But how do you establish a claim? How long does it last after you wander away? What if you want to go on a six-month trip cataloguing butterflies in Brazil, and when you come back you find that some dirty hippy has moved into your house, because you weren't "using" it? This is one of the thorniest problems of usufruct, and I suspect it could only be worked out, somewhat imperfectly, by trial, error, and the creation of widely-acknowledged custom or common law.
Probably the easist way would be to estalbish community claims offices, like the offices that monitored and licensed gold panners in the 19th century. If you find a vacant house, the first thing you do is wander down to the office. Is it really vacant, or has the owner just forgotten to mow the lawn, or gone on vacation for a few months? If it is vacant, register your claim and move on in. To cement your claim, you should, as Locke urged and old American common law had it, mix a bit of your labour with the land. Fix the place up a bit. Mow the lawn. Plant some carrots or tulips. After a week or a month, the claims officer will wander by, see what you've done, and put a check mark next to your name. Home filled, usufruct-owner in place. (Anarcho-capitalists would no doubt see the claims office as a free-market, for-profit business, possibly with several competing officers, and the collectivists would much rather see a community effort to register property use/occupancy, but it amounts to the same thing in the end.)
Practically, the biggest hurdle to usufruct is probably cultural. We are very used to seeing property as a concrete thing that can be picked up and put down, left alone, but which is still attached as if by invisible threads to its owner. The idea of property without an owner is frightening for some people. A few decades ago, some anarchists in Holland started leaving white bicycles around Amsterdam for anyone to use and then leave when they were done. The police kept seizing them as "stolen property."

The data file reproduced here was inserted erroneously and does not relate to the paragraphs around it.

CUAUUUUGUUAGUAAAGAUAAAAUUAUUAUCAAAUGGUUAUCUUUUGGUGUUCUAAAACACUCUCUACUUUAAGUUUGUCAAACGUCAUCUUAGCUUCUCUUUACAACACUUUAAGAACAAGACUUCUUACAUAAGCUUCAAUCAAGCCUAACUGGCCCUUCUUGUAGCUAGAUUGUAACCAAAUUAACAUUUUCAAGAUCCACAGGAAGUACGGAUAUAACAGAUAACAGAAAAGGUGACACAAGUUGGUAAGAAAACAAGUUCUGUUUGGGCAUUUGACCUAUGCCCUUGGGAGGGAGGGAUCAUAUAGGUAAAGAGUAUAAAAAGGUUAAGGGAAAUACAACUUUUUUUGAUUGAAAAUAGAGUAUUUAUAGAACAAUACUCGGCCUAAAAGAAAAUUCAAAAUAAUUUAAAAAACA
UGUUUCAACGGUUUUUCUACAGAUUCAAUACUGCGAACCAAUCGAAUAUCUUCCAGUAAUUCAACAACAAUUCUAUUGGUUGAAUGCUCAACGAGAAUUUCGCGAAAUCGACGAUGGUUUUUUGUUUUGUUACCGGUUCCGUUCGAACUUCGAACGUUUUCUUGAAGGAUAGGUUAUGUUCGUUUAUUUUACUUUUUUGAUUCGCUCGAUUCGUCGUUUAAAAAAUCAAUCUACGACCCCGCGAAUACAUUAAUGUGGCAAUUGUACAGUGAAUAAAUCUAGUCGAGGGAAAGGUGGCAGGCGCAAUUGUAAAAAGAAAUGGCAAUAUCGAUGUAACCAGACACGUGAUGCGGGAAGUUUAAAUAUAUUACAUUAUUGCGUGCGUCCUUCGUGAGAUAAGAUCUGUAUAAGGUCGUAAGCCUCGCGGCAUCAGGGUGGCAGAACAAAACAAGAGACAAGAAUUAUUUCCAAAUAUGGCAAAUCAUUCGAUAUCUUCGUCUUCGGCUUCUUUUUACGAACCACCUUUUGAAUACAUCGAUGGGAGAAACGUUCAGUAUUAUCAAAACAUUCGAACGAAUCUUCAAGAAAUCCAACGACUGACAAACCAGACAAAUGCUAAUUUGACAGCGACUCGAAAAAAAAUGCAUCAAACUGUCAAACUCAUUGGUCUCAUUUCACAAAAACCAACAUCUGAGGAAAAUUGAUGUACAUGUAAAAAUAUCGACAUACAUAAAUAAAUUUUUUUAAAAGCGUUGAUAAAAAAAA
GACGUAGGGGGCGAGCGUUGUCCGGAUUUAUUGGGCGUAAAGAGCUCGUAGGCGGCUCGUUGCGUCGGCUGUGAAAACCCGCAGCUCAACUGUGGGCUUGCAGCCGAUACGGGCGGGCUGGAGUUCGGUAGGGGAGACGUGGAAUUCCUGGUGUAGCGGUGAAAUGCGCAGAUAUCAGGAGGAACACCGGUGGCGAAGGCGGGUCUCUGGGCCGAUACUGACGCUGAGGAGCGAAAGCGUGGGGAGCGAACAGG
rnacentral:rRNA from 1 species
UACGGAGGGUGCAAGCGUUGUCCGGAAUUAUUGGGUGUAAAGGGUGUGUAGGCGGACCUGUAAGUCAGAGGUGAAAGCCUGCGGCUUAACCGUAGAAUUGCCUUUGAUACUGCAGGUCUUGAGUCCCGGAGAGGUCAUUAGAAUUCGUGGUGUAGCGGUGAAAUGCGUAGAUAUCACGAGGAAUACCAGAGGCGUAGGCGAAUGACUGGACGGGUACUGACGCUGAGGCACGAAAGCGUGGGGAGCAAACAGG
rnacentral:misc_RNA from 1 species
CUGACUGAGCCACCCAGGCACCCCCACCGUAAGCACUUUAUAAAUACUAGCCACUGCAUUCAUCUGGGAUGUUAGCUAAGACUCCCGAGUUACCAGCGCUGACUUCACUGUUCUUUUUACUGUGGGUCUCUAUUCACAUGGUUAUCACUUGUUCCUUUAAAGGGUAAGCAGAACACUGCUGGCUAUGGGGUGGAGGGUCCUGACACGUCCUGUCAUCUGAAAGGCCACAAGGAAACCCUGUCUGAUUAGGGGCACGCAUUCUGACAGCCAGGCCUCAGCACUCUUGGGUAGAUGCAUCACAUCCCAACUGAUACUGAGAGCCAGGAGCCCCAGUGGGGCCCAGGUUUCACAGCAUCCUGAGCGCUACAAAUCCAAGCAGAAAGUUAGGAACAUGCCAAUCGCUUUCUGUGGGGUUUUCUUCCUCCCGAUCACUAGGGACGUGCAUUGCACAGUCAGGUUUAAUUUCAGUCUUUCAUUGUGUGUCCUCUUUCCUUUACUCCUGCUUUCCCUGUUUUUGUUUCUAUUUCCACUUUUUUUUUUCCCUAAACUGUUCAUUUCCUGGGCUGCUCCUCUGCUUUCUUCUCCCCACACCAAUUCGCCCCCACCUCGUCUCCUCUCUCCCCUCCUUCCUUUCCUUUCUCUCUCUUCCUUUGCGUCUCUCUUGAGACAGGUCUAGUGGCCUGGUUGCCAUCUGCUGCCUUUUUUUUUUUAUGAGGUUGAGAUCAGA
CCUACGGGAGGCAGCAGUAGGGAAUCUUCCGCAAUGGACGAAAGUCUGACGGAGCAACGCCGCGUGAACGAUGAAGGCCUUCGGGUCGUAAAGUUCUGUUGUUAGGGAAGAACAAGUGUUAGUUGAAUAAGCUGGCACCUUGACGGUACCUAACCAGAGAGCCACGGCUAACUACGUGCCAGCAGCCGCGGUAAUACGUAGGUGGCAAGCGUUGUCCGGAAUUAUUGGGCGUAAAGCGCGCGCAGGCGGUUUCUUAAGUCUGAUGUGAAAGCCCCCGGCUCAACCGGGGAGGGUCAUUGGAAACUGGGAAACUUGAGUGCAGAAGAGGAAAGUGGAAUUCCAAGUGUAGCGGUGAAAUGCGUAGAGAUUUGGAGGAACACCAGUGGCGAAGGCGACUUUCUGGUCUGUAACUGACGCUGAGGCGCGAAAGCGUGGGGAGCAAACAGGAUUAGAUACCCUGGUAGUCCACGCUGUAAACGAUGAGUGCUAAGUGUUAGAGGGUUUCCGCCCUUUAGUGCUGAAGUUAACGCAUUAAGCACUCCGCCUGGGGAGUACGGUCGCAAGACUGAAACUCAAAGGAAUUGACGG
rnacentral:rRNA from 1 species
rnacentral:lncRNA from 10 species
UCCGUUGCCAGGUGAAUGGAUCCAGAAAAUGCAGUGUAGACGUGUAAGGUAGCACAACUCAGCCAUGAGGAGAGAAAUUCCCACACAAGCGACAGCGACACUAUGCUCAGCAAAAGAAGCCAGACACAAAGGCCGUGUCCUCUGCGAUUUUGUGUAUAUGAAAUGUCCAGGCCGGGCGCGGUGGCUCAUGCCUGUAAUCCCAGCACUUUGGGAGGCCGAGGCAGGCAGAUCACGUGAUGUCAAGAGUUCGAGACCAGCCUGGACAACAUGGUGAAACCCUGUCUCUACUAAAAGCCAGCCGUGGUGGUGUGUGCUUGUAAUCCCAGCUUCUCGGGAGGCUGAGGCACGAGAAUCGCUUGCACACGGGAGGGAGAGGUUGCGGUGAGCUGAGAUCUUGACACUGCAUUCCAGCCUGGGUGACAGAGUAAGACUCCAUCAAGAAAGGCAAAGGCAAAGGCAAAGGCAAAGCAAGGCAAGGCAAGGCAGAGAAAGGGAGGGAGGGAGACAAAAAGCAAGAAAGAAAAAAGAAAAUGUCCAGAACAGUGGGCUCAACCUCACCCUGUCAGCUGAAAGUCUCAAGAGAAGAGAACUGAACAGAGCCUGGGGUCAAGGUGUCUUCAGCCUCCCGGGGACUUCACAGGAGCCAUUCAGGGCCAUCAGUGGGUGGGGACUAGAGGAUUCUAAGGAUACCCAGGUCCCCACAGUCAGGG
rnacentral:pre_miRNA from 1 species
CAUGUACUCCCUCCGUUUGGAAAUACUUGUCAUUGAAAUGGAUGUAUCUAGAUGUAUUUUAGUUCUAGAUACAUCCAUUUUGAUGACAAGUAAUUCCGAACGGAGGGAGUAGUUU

The neo-conservative view that private ownership of every resource would provide a better degree of stewardship than any kind of government or communal ownership also rears its head in this discussion. I really can't say just how ridiculous I find this idea. Let's leave aside the fact that a corporation with a five-year financial plan could easily strip mine or clear cut land to fulfil short-term shareholder demands, and look at the example of public parks. I mean small, community parks, with swing sets and a few sports fields. Would you rather they were owned by a private individual for profit (lots of billboard ads, or pay parking, or even paid admission) or by the park users? Sure, there would be lots of free riders, but a community parks group could probably handle keeping things in order pretty well.
In my final note, I'll say that many right anarchists and libertarians believe in something much like the current property rights system. But without a government and police force to enforce property rights, usufruct would become the only method of property distribution. Any private security force that defended someone's right to forbid use of unoccupied land would be a de facto government. And any collectivist group that walled off a section of "their" community "for future use" and stopped others from encroaching would be doing the same thing. And don't think people wouldn't try it.